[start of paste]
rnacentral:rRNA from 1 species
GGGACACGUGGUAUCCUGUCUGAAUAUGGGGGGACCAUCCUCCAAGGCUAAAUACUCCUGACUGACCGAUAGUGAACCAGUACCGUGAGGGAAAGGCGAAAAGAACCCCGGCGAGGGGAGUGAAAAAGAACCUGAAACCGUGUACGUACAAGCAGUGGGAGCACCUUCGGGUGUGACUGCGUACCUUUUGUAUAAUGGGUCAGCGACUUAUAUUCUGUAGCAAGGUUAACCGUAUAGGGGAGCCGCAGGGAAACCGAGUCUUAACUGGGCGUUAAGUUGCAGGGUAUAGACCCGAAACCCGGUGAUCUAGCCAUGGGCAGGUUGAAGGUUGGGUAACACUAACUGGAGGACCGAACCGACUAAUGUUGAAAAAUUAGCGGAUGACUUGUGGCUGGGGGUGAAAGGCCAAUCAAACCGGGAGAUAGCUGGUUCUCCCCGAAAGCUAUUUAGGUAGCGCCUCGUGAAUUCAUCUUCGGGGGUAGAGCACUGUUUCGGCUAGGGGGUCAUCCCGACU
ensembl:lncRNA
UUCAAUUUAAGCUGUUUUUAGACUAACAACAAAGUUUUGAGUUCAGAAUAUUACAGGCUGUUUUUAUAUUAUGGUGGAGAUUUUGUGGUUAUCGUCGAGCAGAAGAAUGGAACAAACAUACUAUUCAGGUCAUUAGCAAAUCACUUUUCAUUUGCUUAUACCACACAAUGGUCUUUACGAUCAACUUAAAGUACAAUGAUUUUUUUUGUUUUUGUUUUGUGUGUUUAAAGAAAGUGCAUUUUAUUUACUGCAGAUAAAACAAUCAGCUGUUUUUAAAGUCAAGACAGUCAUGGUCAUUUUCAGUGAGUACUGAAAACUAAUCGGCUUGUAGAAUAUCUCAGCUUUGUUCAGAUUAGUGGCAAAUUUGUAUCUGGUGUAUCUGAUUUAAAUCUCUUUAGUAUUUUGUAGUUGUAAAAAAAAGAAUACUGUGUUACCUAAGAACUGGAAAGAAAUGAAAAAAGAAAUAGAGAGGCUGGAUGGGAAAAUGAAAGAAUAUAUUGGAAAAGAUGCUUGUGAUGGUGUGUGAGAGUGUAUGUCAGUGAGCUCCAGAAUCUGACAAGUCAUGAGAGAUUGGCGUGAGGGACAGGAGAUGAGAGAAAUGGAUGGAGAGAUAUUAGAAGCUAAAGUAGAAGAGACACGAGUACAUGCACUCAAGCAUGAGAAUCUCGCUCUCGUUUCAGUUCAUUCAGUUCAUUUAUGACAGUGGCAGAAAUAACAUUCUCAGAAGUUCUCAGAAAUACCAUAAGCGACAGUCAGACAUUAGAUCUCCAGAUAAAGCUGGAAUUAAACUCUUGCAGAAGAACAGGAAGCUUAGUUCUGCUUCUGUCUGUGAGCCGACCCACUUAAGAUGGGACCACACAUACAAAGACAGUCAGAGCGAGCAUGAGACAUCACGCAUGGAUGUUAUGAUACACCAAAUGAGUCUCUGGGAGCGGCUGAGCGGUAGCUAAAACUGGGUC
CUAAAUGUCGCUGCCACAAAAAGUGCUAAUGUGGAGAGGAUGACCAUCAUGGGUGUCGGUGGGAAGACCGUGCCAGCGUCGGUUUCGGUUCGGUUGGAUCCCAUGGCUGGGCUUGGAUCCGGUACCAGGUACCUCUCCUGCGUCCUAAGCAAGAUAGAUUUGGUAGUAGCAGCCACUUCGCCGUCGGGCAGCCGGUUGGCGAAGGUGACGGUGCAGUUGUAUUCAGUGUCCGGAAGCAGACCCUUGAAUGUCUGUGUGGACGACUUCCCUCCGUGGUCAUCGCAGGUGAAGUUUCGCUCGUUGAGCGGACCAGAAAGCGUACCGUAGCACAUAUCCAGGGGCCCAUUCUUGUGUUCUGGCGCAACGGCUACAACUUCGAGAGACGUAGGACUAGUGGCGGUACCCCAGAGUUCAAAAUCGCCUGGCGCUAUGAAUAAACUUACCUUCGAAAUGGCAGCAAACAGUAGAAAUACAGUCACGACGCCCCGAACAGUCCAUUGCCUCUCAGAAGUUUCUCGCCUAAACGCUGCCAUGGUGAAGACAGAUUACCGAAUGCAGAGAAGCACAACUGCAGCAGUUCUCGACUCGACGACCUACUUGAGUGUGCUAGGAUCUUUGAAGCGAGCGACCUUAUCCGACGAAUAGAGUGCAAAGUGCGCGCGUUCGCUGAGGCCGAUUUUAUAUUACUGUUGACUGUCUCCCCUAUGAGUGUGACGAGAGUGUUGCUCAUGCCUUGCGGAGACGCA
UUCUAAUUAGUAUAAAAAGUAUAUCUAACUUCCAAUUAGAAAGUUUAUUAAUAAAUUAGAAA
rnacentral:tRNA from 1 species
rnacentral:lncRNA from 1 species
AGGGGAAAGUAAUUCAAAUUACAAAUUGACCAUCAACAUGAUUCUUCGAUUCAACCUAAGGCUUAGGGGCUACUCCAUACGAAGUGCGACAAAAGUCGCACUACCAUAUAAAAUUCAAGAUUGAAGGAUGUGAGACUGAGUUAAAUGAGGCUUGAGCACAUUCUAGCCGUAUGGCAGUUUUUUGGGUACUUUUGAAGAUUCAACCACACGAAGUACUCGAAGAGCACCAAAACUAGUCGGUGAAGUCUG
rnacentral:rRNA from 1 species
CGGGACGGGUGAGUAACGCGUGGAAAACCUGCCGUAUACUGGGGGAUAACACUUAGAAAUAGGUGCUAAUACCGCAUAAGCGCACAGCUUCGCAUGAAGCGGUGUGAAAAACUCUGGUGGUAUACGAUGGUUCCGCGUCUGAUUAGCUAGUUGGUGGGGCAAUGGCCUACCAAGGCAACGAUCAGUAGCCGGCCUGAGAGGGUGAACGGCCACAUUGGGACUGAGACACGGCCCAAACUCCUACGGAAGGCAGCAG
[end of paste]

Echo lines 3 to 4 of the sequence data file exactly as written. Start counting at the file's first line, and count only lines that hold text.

ensembl:lncRNA
UUCAAUUUAAGCUGUUUUUAGACUAACAACAAAGUUUUGAGUUCAGAAUAUUACAGGCUGUUUUUAUAUUAUGGUGGAGAUUUUGUGGUUAUCGUCGAGCAGAAGAAUGGAACAAACAUACUAUUCAGGUCAUUAGCAAAUCACUUUUCAUUUGCUUAUACCACACAAUGGUCUUUACGAUCAACUUAAAGUACAAUGAUUUUUUUUGUUUUUGUUUUGUGUGUUUAAAGAAAGUGCAUUUUAUUUACUGCAGAUAAAACAAUCAGCUGUUUUUAAAGUCAAGACAGUCAUGGUCAUUUUCAGUGAGUACUGAAAACUAAUCGGCUUGUAGAAUAUCUCAGCUUUGUUCAGAUUAGUGGCAAAUUUGUAUCUGGUGUAUCUGAUUUAAAUCUCUUUAGUAUUUUGUAGUUGUAAAAAAAAGAAUACUGUGUUACCUAAGAACUGGAAAGAAAUGAAAAAAGAAAUAGAGAGGCUGGAUGGGAAAAUGAAAGAAUAUAUUGGAAAAGAUGCUUGUGAUGGUGUGUGAGAGUGUAUGUCAGUGAGCUCCAGAAUCUGACAAGUCAUGAGAGAUUGGCGUGAGGGACAGGAGAUGAGAGAAAUGGAUGGAGAGAUAUUAGAAGCUAAAGUAGAAGAGACACGAGUACAUGCACUCAAGCAUGAGAAUCUCGCUCUCGUUUCAGUUCAUUCAGUUCAUUUAUGACAGUGGCAGAAAUAACAUUCUCAGAAGUUCUCAGAAAUACCAUAAGCGACAGUCAGACAUUAGAUCUCCAGAUAAAGCUGGAAUUAAACUCUUGCAGAAGAACAGGAAGCUUAGUUCUGCUUCUGUCUGUGAGCCGACCCACUUAAGAUGGGACCACACAUACAAAGACAGUCAGAGCGAGCAUGAGACAUCACGCAUGGAUGUUAUGAUACACCAAAUGAGUCUCUGGGAGCGGCUGAGCGGUAGCUAAAACUGGGUC